Launching the 'Dream'

If Oprah made the "aha" moment famous, then Disney can certainly claim the "ahh" moment. There are oh-so-sweet encounters all over the Dream, which combines state-of-the-art interactivity with 1930s classic ship design via art deco and art nouveau touches. The show Disney's Believe in the Walt Disney Theatre prompted some audience members to their feet at the end, clapping in wild appreciation. After all, Mary Poppins did make a flying entrance with her bumbershoot. But the star of that lively show is a genie with a slight resemblance to Dom DeLuise, only way cheekier.

I checked out the Dream on the two-night christening cruise, Jan. 19-21, which started with a character-laden, music-and-fireworks extravaganza on the dock. The 1,115-foot ship was the backdrop. Singer Jennifer Hudson, a Disney cruise ship entertainer before her big break on American Idol, is the ship's godmother and she triggered the release of the requisite celebratory Champagne. A helicopter hoisted a 16-foot-high bottle to the ship's bow.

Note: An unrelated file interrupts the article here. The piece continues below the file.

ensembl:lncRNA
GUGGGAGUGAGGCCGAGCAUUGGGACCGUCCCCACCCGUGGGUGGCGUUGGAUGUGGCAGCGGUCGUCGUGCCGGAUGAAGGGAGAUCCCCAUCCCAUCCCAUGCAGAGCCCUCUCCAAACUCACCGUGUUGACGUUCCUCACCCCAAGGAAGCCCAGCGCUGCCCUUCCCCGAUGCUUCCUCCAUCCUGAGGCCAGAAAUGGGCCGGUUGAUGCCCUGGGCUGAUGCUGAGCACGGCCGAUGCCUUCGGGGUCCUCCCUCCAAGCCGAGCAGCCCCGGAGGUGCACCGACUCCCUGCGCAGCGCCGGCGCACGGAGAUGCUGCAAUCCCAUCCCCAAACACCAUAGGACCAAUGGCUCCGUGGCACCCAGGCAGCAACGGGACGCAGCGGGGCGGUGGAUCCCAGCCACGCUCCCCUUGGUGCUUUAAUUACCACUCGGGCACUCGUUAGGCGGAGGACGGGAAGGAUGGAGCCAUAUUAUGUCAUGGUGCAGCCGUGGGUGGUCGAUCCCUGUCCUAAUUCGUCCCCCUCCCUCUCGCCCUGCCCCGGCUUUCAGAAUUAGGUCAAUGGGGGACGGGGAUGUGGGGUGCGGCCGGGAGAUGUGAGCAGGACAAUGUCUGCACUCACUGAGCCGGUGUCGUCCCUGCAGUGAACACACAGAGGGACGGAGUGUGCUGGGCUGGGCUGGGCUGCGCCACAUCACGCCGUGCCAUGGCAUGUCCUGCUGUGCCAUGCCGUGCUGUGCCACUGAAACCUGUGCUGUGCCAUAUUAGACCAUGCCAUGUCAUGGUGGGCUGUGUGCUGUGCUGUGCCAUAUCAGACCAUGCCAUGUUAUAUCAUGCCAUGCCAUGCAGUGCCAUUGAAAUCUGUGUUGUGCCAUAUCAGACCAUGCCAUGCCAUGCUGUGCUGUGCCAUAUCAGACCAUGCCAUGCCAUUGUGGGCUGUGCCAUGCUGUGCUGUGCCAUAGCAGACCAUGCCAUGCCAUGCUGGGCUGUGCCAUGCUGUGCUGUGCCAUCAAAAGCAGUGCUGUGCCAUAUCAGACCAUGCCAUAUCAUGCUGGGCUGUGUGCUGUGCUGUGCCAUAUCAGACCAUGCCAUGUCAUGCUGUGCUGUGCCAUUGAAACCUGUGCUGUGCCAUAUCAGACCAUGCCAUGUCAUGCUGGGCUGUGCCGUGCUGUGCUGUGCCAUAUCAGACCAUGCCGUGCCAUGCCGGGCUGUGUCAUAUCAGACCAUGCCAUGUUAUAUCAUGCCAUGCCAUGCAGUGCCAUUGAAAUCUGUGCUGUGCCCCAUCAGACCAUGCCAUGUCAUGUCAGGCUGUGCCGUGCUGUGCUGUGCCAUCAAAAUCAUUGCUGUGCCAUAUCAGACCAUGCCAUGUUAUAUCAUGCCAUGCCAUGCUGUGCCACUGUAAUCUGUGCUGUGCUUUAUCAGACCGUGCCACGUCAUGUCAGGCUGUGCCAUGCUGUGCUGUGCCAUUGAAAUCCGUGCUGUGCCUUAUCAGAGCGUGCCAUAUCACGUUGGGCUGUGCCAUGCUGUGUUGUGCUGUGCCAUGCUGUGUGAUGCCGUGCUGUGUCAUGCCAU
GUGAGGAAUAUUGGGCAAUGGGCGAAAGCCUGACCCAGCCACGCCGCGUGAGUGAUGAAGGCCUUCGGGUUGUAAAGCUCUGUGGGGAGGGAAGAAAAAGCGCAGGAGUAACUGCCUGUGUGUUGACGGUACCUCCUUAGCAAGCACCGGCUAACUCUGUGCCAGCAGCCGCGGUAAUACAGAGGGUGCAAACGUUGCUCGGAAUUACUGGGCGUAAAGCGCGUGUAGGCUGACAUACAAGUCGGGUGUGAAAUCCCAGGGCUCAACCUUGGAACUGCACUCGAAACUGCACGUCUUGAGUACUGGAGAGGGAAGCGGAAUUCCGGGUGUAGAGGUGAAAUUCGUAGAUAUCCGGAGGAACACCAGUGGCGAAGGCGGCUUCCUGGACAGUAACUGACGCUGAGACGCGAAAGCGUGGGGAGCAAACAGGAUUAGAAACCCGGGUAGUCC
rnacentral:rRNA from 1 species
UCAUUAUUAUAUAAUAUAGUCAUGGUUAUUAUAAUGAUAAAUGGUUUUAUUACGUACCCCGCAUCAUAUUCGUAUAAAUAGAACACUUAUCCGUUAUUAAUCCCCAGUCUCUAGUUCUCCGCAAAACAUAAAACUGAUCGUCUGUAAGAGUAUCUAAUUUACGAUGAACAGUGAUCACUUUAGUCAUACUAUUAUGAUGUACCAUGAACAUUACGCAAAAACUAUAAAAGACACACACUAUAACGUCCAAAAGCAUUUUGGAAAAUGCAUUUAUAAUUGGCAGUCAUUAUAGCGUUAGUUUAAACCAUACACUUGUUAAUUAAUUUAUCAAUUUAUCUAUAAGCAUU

The Disney Dream brings to three the ships in the cruise line's fleet, including Disney Magic (1998) and Disney Wonder (1999). The Dream's sister ship, Disney Fantasy, will debut in 2012 and will also call Port Canaveral its home. The Wonder is based in Los Angeles, and the Magic heads to Europe this summer. The Dream holds considerably more passengers than the older ships, which each carry 2,400.

It's difficult to fully assess a new ship from short preview cruises, typically populated by journalists, travel agents, contest winners, corporate brass and other company employees and their families. This one especially had a lot of distractions. Good Morning America was broadcasting live from the pool deck. Radio personalities were hosting their morning shows off to the side, pulling over anyone they could to talk about their impressions of the Dream.